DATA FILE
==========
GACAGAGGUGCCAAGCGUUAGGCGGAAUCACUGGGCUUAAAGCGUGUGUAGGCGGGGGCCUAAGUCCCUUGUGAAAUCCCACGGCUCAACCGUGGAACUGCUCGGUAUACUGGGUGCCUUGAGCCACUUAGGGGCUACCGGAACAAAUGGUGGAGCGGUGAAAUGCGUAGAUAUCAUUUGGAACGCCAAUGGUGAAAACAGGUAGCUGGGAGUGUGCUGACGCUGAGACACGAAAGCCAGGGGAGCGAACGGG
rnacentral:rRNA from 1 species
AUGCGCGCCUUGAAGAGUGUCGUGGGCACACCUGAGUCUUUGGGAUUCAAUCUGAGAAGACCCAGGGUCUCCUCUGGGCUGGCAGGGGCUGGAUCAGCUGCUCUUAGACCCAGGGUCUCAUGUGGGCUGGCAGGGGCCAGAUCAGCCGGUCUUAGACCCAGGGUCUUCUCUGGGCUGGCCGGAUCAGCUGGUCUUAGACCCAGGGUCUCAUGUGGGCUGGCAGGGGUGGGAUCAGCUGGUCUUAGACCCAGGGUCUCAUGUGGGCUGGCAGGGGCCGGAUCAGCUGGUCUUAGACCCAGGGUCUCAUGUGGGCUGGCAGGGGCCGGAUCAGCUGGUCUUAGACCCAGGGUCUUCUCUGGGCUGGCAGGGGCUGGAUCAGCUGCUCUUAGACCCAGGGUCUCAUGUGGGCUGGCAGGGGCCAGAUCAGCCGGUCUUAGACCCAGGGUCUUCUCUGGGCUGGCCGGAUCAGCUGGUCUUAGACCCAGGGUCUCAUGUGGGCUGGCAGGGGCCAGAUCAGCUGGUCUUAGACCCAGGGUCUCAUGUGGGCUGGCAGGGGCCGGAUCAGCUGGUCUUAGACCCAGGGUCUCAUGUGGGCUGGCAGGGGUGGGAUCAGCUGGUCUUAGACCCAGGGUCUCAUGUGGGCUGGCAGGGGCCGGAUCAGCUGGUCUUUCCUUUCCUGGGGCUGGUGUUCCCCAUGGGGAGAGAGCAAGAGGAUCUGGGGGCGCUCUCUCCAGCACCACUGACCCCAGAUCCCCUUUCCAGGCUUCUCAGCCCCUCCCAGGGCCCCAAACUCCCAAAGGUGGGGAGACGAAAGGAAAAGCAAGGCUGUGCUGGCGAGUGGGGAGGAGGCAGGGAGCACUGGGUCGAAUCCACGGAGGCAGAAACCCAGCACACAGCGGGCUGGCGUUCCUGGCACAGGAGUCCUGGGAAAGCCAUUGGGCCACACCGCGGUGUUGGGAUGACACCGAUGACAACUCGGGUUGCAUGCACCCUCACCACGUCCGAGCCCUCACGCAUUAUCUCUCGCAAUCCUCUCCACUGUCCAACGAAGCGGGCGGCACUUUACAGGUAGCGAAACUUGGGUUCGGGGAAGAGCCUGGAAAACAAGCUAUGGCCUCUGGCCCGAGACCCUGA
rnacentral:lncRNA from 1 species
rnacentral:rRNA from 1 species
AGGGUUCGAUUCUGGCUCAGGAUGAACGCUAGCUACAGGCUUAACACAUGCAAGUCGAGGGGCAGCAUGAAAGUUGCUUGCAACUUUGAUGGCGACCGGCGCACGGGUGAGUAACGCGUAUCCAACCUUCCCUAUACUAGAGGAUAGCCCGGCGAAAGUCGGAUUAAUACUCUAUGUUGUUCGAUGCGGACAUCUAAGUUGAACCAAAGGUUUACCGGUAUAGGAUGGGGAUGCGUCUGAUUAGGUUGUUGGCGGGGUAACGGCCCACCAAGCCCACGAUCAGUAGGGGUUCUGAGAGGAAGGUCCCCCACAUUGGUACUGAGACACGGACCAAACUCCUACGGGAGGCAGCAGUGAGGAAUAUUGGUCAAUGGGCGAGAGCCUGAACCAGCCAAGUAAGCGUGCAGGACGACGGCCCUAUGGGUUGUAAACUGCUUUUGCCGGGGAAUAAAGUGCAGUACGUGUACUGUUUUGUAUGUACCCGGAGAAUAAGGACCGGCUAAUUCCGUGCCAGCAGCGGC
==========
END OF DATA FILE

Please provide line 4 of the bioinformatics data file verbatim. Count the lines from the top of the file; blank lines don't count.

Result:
rnacentral:lncRNA from 1 species